All the Things…

So much newness. I’ve been bad about updating here over this sabbatical year, so here are a few things I’ve made, written, published in the past few months. I’ll add them as is appropriate elsewhere on the site as well.

Here are all the things…

First up is my conversation with the brilliant Anand Prahlad published on January 1, 2019 over at the Assay Interview Project. Prahlad and I talked about his book, The Secret Life of A Black Aspie. (Audio)

Prahlad.

Second, is my conversation with the lyrical and incisive essayist, Chelsea Biondollilo. We talked about her collection, The Skinned Bird. That also appeared as part of the Assay Interview Project, on May 1, 2019. (Print)

Third, my colleague Paul Zakrzewski and I are producing a podcast for Assay (with the Missouri Audio Project). Paul’s doing the heavy lifting hosting and editing. Here’s our introductory conversation to Tried & True. If you’re into things writerly and audio, please check it out and drop Paul a note if you’d like to submit something to the podcast. Details on Assay’s website. (Print)

Here is the first episode of Tried & True. “Once a Border Crosser, Always a Border Crosser,” a conversation with Francisco Cantú (The Line Becomes A River) and Reyna Grande (The Distance Between Us). (Audio)

Here is the second episode of Tried & True. “#MeToo & Toxic Masculinity – Where Do We Go From Here?” A conversation with Yvette Johnson (The Song and The Silence) and Taylor Brorby (Coal and Oil, forthcoming). (Audio)

And finally, I wrote a guide to grant writing and grant hunting for Assay’s “In the Classroom” Series. Check it out here.  (Print)

[Top Photo: Hernán Piñera]

 

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Audio Interview: The Missouri Review

Not too long ago, I had a great conversation with the Missouri Review! Thanks to Sarah Beard for sitting down to talk with me. In “UNBOUND Book Festival Interview: Julija Šukys,” we talk about my book, Siberian Exile, research, digging into family history, archives, and much more. Come have a listen.

[Image: The Missouri Review]

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Radio On!

MAP_Logo

Many years ago, I spent two weeks in Vancouver at a sort of book publishing boot camp. I can still trace most of what I know about the business of writing back to that workshop.

Well, I’ve just come through a slightly shorter, though possibly more intensive radio experience. My friend Andrew Leland (check out The Organist, McSweeney’s podcast — he produces it) and I are in the process of founding The Missouri Audio Project. We want to tell true stories using sound; to play, think, and allow people we find fascinating to speak for themselves and tell their own tales, in their own words. In short, we want to make audio CNF (creative nonfiction).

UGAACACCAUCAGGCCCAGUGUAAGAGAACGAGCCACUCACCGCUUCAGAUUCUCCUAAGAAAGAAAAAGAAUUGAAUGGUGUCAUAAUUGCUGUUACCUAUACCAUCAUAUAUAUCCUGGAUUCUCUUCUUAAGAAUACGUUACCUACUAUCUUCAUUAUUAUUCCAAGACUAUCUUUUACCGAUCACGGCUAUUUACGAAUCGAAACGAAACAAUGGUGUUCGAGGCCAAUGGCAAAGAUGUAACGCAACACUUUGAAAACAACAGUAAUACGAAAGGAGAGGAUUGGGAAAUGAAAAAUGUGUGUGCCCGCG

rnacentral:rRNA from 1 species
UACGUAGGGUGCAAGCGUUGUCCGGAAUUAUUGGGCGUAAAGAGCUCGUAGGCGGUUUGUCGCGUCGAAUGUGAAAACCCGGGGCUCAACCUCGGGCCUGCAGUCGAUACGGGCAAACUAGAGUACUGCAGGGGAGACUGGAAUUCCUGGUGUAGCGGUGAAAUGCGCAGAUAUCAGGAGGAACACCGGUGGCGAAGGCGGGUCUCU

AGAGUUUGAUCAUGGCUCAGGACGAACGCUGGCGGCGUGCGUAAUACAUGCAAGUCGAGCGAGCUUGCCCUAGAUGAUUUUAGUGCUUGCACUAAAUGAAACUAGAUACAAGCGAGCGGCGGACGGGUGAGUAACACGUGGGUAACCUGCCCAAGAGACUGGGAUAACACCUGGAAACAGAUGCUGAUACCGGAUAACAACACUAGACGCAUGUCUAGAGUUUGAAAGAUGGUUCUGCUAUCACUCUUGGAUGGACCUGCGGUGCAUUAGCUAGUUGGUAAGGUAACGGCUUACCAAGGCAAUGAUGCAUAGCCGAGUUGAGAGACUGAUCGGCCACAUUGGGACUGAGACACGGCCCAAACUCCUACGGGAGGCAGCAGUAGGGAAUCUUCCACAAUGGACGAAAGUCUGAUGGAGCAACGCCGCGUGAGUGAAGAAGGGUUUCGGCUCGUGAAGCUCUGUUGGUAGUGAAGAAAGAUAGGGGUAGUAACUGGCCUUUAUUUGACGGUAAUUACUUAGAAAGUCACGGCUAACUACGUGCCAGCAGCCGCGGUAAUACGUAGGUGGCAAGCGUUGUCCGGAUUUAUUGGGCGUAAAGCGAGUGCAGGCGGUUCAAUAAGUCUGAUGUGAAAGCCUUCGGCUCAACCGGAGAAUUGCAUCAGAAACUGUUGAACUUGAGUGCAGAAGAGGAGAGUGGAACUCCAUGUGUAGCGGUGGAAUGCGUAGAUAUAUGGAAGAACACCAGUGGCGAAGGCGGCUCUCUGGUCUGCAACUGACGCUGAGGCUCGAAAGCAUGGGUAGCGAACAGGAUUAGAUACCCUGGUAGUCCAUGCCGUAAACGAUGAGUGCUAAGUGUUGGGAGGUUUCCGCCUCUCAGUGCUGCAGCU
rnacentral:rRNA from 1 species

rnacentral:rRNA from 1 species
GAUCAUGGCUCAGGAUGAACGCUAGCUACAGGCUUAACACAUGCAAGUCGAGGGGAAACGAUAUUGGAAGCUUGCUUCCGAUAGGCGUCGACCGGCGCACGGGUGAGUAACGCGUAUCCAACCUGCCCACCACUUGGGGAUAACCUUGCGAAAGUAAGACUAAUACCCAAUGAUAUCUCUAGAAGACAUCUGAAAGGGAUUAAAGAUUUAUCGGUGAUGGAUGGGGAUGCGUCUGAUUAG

We’ve just launched our audio hopes and dreams with a six-day summer radio intensive workshop, August 2-8, 2015, here at the U of Missouri.

The workshop served as an intensive introduction to long-form audio storytelling. It was taught by radio guru Rob Rosenthal,  currently the lead instructor of the Transom Story Workshop. Rob produces the HowSound podcast on audio storytelling for PRX (Public Radio Exchange). We hope to have him back and to open our workshop up to the public next summer! So, stay tuned.

Rob encouraged students to: focus on the story of one person; to look for action; to think about sound; and to think about what would compel listeners. He taught us the basics of recording, script-writing, and editing.

We also learned a thing or two about listening.

The workshop was life-changing: in a very short period of time, we learned a staggering amount. Rob is an amazing instructor: he inspires courage and confidence in his students. All of us (even the journalists amongst us) were working far outside our comfort zones and flying by the seat of our pants. All of us learned; all of us changed.

Over that crazy week of learning like I was 25 again, I produced my first radio piece. It’s about an extraordinary photographer named Shane Epping. You can listen to “Faye, in Pictures” here. It’s a sad, moving story told only through the human voice. Perhaps I’ll expand to other sounds soon, but this piece demanded simplicity.

I can’t wait to do more in sound. Radio on! (as Rob Rosenthal says…)

[Image: Maggie Boyd]

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